Keep Preaching in Perspective


Today I thought of Sidney Crowe.

When I was in seminary in Oxford, a friend and I were placed as interns at the Baptist Church in Cowley. We were sent there to learn about practical ministry, and we learned under Sidney Crowe and his wife Ivy. Sidney and Ivy had been in ministry in Cowley for nearly 30 years.

The church was set alongside a shopping center on a large housing estate. The people living in this housing estate provided labour for the vast motor manufacturing plant on the east side of Oxford. This situation was far from the dreaming spires!* Yet Sidney and Ivy spent so much of their lives with these people!

At first, it seemed like my friend and I learned nothing about preaching from Sidney. Even Sidney’s best friends would agree that he was tediously predictable. He had a bucket-load of mannerisms and quirks, including his habit of adding the phrase “and so on” to sentences. On one occasion, he added it memorably to “Father, Son, and Holy Spirit, and so on.” You can imagine what we critical students made of that statement!

But upon reflection, we learned a lot. And it has stayed with me ever since. Sidney’s people loved him and Ivy in such depths of relationship that they hung on every word he said to them. They listened not because he was polished and perfect but because they treasured him (and his wife!) as leaders and under-shepherds.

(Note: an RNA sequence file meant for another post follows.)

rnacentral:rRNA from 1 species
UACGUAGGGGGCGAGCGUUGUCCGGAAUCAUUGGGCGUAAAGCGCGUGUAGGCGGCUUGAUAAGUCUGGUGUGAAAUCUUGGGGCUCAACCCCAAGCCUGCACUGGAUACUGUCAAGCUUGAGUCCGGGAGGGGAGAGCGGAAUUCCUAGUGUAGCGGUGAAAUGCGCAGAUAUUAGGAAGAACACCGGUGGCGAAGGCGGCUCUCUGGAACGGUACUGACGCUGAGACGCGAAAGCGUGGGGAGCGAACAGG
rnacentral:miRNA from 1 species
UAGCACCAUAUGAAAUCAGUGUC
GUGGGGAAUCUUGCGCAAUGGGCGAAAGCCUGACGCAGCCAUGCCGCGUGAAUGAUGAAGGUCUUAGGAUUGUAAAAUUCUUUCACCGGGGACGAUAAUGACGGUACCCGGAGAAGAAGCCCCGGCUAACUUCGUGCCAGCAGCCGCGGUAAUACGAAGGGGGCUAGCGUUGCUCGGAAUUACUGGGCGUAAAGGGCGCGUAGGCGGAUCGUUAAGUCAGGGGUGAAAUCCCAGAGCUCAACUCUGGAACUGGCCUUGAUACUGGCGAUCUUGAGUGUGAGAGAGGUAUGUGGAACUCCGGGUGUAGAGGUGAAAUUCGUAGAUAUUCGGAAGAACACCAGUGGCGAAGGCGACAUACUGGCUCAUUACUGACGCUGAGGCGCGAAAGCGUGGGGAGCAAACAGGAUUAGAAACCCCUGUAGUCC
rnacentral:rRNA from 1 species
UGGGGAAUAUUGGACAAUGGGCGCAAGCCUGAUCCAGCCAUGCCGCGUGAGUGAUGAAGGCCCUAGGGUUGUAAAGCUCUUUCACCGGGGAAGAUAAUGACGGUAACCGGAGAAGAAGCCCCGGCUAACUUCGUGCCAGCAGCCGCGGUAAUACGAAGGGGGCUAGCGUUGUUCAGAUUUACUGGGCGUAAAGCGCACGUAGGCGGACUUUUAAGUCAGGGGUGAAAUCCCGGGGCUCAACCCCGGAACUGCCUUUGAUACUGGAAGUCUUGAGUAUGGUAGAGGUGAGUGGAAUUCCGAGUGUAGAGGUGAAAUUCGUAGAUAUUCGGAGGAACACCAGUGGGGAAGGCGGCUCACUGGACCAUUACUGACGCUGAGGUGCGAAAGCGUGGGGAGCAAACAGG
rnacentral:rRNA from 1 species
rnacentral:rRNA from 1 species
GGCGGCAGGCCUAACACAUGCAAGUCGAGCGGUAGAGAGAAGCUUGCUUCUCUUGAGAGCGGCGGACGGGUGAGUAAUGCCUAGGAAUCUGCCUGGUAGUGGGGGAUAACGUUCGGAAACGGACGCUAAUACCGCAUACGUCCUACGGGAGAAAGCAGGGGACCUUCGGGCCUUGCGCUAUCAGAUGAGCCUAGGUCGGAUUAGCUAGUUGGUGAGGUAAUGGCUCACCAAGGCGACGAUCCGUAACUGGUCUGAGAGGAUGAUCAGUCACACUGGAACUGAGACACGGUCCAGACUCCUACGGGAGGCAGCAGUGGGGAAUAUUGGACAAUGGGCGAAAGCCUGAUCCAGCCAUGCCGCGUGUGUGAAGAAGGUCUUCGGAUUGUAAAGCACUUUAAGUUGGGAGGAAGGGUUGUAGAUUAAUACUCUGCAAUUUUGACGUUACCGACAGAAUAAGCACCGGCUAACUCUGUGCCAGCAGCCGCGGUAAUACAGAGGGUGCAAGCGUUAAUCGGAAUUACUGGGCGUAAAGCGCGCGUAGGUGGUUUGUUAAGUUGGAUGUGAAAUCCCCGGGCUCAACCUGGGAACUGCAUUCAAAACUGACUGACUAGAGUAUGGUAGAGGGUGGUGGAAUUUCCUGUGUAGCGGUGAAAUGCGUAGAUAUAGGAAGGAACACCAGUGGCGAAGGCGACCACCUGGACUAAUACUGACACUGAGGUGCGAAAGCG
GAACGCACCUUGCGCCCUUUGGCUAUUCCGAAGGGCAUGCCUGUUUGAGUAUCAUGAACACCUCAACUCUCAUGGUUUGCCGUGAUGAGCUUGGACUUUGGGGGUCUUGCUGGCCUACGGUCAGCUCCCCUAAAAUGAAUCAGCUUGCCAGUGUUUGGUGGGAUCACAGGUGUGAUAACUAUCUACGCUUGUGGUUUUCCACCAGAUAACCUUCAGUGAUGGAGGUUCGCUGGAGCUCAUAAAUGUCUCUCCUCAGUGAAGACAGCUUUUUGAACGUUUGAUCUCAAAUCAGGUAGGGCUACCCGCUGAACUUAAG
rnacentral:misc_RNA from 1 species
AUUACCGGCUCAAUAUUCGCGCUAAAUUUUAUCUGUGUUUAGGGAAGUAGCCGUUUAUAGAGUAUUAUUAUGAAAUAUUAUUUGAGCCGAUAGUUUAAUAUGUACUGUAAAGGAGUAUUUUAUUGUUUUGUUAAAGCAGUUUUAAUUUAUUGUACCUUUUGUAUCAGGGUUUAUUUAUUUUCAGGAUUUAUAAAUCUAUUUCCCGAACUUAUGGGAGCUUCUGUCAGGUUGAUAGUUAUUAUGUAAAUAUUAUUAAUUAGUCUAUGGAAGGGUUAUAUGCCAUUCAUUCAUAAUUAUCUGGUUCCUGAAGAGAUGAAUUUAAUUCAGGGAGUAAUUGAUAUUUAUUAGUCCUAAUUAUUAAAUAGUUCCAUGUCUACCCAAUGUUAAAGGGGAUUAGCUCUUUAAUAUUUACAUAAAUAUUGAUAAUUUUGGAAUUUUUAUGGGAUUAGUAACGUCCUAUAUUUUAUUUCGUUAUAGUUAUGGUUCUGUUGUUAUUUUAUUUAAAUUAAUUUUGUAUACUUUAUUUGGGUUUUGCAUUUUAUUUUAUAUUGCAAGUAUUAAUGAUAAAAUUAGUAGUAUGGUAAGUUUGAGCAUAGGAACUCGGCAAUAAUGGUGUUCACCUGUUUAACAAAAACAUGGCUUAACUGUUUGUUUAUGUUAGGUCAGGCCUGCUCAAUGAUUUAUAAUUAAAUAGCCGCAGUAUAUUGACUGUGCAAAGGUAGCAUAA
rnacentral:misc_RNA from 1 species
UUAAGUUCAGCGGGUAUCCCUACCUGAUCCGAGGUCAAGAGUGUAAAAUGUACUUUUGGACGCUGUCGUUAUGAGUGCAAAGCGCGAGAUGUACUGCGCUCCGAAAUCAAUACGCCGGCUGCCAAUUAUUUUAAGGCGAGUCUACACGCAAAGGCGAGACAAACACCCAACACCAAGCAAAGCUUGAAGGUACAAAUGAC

Sidney and Ivy retired after 31 years, and this happened while I was still an intern with them. At their leaving it was clear that his pastoral love and care stretched far beyond the church fellowship into the community of Cowley. A photographic display showed him involved in peace-making in an industrial dispute and taking a key role in community affairs. People lined up to testify to the ways that he had been like Jesus to them at every turn of their lives. My wife Carol and I also experienced their wonderful support as they journeyed with us after a couple of miscarriages.



I believe in improving preachers with all my heart, and this continues to be my mission. But preaching must be put into perspective. Sidney showed me that pastoral care and community building are essential, and average preaching can glow in its presence. Conversely, brilliant, five-star preaching without love and relationships may dazzle as communication, but it is unlikely to have a long-lasting glow with Christ’s people.

*Note from Lauren Visser: As someone unfamiliar with Oxford, I had no idea what Dr. Quicke first meant when he wrote that this housing state was “far from the dreaming spires!” But a quick google search informed me that Oxford is called the “city of dreaming spires,” based on a poem by Matthew Arnold, which was referencing the stunning university architecture.

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